Viborg, Denmark

Viborg (Danish pronunciation: [ˈvipɒːˀ]), a city in central Jutland, Denmark, is the capital of both Viborg municipality and Region Midtjylland. Viborg is also the seat of the Western High Court, the High Court for the Jutland peninsula. Viborg Municipality is the second-largest Danish municipality, covering 3.3% of the country's total land area.[2]

View of Viborg and its monumental cathedral (Viborg Domkirke), as seen from the Søndersø lake.


Coat of arms
Location in Denmark
Coordinates: 56°27′12″N 09°24′07″E
RegionMid Jutland (Midtjylland)
Earliest evidence8th century
  MayorTorsten Nielsen (Det Konservative Folkeparti)
  City1,474.05 km2 (569.13 sq mi)
51 m (167 ft)
 (1 January 2019)[1]
Time zoneUTC+1 (CET)
  Summer (DST)UTC+2 (CEST)
Postal code
Area code(s)(+45) 8


Viborg is one of the oldest cities in Denmark, with Viking settlements dating back to the late 8th century.[3] Its central location gave the city great strategic importance, in political and religious matters, during the Middle Ages. A motte-and-bailey-type castle was once located in the city. Viborg takes its name from a combination of two Old Norse words: , meaning a holy place, and borg, meaning a fort.


Viborg is famous for Viborg Cathedral. The construction of the cathedral started in 1130 and took about 50 years. The building has burned to the ground and been re-built several times. Only the crypt of the original cathedral is still preserved. The cathedral was and is the locus of cult of Saint Kjeld of Viborg who was dean of the cathedral chapter there and had a great shrine there in the Middle Ages. The newest parts of the church are from a restoration between 1864 and 1876.[4] The cathedral is famous for its many paintings by Danish painter Joakim Skovgaard, which depict stories from the Bible. Next to the cathedral is the Skovgaard museum, founded in 1937.[5]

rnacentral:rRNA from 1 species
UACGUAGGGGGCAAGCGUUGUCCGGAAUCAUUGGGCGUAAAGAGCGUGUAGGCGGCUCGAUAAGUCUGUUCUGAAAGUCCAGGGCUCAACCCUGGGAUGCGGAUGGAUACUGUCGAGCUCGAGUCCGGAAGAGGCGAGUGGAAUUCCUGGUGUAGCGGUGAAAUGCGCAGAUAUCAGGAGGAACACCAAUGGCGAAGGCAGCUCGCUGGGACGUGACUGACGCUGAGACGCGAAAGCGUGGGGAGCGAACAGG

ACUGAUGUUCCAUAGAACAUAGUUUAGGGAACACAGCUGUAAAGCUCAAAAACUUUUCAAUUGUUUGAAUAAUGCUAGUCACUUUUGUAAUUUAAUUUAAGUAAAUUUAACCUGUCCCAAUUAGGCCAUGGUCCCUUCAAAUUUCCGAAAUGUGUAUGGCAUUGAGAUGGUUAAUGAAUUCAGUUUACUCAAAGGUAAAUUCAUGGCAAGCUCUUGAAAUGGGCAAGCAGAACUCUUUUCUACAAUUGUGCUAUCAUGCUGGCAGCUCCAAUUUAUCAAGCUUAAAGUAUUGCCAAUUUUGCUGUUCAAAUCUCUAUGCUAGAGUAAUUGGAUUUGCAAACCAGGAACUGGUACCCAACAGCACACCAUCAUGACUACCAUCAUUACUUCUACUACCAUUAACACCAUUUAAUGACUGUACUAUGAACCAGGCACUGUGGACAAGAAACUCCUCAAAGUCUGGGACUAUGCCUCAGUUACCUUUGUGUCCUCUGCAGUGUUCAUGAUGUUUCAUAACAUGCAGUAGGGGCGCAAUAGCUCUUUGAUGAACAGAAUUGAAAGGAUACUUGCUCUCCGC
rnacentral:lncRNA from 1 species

Before the Protestant Reformation Viborg was the home of five monasteries,[6] about 12 parish churches, several chapels and of course the cathedral. The Black Friars' church dates from the 13th century.[4] Today only the cathedral and a few remains of the Franciscan and the Dominican monasteries are left.


Since the 1990s, Viborg has had a reputation as one of Denmark's leading cities for sports. It started with the city's women's handball team (a popular sport in Denmark), which became one of Europe's top-5 clubs. Subsequently, both the men's handball team and most notably the professional football team established themselves at the top of the Danish leagues. From 1998 to 2008, Viborg FF was a constant member of the Danish Superliga, reaching an all-time high when winning the Danish cup in 2000.

Viborg hosts the annual Haervejsmarchen international two-day walking festival, which regularly attracts 8,000 participants, including many from outside Denmark. It includes marked routes of distances of up to 45 kilometres a day.[7] The walk is affiliated to the IML Walking Association.[8]